Submitted to: Environmental Entomology
Publication Type: Peer Reviewed Journal
Publication Acceptance Date: 6/16/1996
Publication Date: N/A
Interpretive Summary: Hay exported to Japan by ocean freight is valued at $240 million per year with an additional $90 million in income for the fright container industry. Hay exports have been jeopardized by rejections of hay upon arrival in Japan because weeds that serve as hosts for Hessian fly have been found when the bales were examined by Japanese inspectors. Hessian fly is an insect that is not found in Japan and a quarantine treatment for hay is needed to prevent the risk of an accidental introduction of the pest into their country. A multiple quarantine treatment using compression of bales and hydrogen phosphide fumigation was developed to control Hessian fly in timothy, alfalfa, oat, Bermuda grass, Sudan grass hays, and rye straw. Large-scale tests were conducted to demonstrate that the quarantine treatment caused 100% mortality of 76,000 insects in two tests. The tests fulfill regulatory agency requirements to certify the quarantine treatment. .Hay exported to Japan under the certification program will not be inspecte upon arrival at destination ports. The quarantine treatment ensures the Japanese government that accidental introductions of Hessian Fly will not occur through compressed hay exported from the U.S.A. Certified compressed hay will be more economical to ship and more competitively priced with hays exported from other countries such as Canada and Australia. The quarantine treatment is based on compression of bales which will help reduce dependency on chemical fumigants to control exotic pests in the future.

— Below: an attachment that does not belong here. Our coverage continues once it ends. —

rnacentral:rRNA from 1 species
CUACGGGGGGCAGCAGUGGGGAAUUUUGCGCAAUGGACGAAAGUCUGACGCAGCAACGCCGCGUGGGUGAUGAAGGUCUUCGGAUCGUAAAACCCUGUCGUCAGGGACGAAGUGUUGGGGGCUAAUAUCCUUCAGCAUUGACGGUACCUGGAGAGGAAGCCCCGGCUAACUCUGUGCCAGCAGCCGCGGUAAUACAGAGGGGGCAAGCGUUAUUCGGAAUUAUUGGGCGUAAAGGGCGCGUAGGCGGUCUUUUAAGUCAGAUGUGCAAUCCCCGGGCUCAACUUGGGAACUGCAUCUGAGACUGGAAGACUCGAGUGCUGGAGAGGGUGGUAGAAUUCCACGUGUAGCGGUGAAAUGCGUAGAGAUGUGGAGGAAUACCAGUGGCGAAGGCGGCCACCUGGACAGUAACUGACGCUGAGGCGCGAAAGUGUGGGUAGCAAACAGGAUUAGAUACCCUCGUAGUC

Technical Abstract: Hessian fly, Mayetiola destructor (Say), was reared in a greenhouse in Fresno, CA, which eliminated interstate shipments of test materials. Two large-scale tests fulfilled regulatory test requirements to confirm the efficacy of a multiple quarantine treatment using greater than or equal to 80 kg/cm2 compression and 60 g/28.3 m3 aluminum phosphide for 7 d at 22C, to control Hessian fly in compressed hay exported to Japan. A large-scale test with timothy, Phleum pratense, hay and a second test with alfalfa, Medicago sativa, combined with Sudan grass, Sorghum bicolor sudanensis, hays loaded in 76.2 m3 freight containers resulted in complete mortality of 38.957 and 37.345 Hessian fly puparia, respectively. These species of hay were representative of previously tested species including oat, Avena sativa, and Bermuda grass, Cynodon dactylon, hays and rye straw, Secale cereale. Copper plate corrosion values, bale temperatures, and fumigant concentrations were similar throughout the freight containers in both tests. Fumigant concentrations were lower in the second test than in the first test and were attributed to leakage. Hydrogen phosphide residues 1 d after fumigation and overnight aeration resulted in concentrations below the U.S. Environmental Protection Agency tolerance of 0.1 ppm. Hessian fly has not been reported as an economic pests of wheat in California for the past 20 years. Most Hessian fly puparia and pupae were located in wheat plants in the area below 1.9 cm above the bottom of the stem, an area below the cutting height of hay.